Like the New York-centric consumer magazine industry, commercial book publishers and, frankly, most everyone, think of books found in bookstores and libraries when they consider what book publishing is. Perhaps they’ll concede there are some independent book publishers out there somewhere, and perhaps lots of books that are published by “the academic press,” but that’s about it. Oh, except for those “vanity press” things people publish, (that, in their minds no one reads). And text books, yes, there are those, also. And, come to the think of it, there are lots of reference books that are in bookstores and libraries also, but they would never show up in any review of books. And then, there are all those manuals that come with every product you purchase — I guess those are books, also. So there are many types of documents formated as books that are not listed in the New York Times best selling lists each week.
Our understanding of “vanity press” and self-publishing is evolving rapidly — even if the traditional publishing powers-that-be have refused to acknowledge it (with some notable exceptions.) However, with progressive authors like Seth Goden leading the way, and, the proliferation of a wide-array of technology (like on-demand printing and eBooks) and enticing business models (like Amazon’s 70-30 split of eBook revenues), the term “vanity publishing” will soon be placed in the trash heap of pejoratives.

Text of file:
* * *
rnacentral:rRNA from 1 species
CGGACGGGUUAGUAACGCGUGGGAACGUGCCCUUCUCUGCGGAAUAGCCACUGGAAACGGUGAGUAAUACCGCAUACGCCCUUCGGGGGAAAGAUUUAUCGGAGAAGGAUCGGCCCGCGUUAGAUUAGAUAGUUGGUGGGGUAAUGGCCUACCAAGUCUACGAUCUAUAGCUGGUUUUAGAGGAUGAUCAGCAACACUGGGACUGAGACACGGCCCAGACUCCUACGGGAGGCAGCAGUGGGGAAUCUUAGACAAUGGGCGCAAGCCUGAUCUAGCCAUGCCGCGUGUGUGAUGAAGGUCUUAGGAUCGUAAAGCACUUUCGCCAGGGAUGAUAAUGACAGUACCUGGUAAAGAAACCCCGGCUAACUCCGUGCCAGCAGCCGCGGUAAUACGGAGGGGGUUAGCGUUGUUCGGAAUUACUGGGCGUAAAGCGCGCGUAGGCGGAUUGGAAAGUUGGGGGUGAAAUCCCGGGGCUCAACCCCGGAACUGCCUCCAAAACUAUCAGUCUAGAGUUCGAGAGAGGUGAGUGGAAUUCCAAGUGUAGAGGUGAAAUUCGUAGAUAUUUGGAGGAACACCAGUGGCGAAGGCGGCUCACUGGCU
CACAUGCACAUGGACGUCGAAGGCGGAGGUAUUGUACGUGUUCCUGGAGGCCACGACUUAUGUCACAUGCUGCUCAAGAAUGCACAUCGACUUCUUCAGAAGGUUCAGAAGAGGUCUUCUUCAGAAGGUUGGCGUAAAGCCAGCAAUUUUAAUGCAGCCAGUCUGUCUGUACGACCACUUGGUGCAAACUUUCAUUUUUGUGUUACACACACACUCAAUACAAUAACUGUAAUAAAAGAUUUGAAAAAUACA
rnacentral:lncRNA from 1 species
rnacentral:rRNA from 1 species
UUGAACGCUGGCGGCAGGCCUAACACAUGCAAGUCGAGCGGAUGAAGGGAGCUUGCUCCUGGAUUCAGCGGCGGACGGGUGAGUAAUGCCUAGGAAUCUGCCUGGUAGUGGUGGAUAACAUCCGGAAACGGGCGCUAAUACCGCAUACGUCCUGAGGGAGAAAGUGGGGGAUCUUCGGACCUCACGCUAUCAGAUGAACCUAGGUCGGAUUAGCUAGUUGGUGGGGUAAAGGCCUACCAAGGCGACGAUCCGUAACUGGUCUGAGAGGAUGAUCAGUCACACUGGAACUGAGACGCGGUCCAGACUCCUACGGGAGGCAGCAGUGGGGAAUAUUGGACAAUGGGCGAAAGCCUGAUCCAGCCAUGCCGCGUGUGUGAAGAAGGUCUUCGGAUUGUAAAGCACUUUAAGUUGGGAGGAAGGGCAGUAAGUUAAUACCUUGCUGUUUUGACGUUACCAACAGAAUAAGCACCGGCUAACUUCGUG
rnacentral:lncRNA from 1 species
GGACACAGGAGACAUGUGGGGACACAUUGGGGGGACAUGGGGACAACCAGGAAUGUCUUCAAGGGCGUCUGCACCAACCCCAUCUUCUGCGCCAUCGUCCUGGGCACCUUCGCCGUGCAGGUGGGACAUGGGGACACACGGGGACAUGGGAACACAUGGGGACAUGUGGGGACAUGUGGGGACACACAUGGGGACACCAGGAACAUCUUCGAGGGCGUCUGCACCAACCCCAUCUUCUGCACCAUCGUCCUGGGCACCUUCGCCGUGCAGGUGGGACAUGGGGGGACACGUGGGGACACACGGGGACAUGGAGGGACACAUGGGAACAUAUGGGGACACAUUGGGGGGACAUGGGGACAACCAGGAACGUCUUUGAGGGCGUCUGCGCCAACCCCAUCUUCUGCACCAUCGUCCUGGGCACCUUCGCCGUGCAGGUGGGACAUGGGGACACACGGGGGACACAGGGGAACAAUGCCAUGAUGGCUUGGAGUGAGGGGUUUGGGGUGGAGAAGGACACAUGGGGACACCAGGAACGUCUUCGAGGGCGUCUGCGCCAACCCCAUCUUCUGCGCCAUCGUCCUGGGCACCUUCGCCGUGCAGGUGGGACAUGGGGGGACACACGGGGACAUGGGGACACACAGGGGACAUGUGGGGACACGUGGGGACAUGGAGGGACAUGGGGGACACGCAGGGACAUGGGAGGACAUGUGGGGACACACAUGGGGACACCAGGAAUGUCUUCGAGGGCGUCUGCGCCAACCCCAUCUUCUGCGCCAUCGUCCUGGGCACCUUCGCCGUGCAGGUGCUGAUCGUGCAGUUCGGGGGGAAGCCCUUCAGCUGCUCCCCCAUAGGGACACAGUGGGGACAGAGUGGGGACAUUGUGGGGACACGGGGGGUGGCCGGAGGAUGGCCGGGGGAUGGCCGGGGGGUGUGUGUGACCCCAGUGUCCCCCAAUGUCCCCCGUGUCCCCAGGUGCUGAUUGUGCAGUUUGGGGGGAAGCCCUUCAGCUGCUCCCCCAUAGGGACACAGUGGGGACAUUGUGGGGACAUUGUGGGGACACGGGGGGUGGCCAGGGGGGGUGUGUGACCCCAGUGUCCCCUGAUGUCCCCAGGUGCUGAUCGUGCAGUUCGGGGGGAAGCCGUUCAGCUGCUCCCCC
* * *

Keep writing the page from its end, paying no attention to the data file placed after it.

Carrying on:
Last week, a small, but perhaps significant step was made in this inevitable march towards the day when an organization or author who wishes to sell a book will finally finish off the disintermediation of what we currently think of as Book (with a capital “B”) Publishing: Apple announced that an update to its desktop document software Pages includes the ability to save a document as an ePub file is included.
While some observers have cast this as an Amazon vs. Apple move, such characterization makes little sense to me now that the Amazon’s Digital Text Platform (how one publishes an eBook to be sold via the Kindle Store) now supports the ePub format. I’m not a student of this particular skirmish of the technology wars, but it seems more of a slam at Adobe’s PDF format than a swipe at Amazon. (Adobe is also the company behind Flash, the video format that doesn’t work on the iPhone or iPad.)
So, here’s the deal: If you have a Mac and iWorks and you want to self-publish an eBook and sell it via Amazon.com or Apple’s iBookstore, you now have all the technology you need. (Of course, there are ways to do this using Microsoft Word and some hacking, but I’m talking about the easy way, not the Word way.)
(I feel the need to add a sidebar comment at this point: If you’ve never tried to sell a self-published book, you’re better off not trying it the DIY way first time out of the gate — or maybe, never. If it’s a book you actually want to sell, I suggest you enlist the assistance of what Apple calls “iBookstore Aggregators.”)
The professional designers who work with me have professional tools that export beautifully designed documents to more formats than I knew existed. However, I predict that for those who are comfortable in Keynote (the software, Pages, works exactly like Keynote, without the “effects”), this “save as ePub” feature could be a very significant step in the journey towards you becoming a book publisher.
Also, while this post pertains to “digital” eBooks, the process and “aggregators” also can be used with Print-on-Demand, as well.
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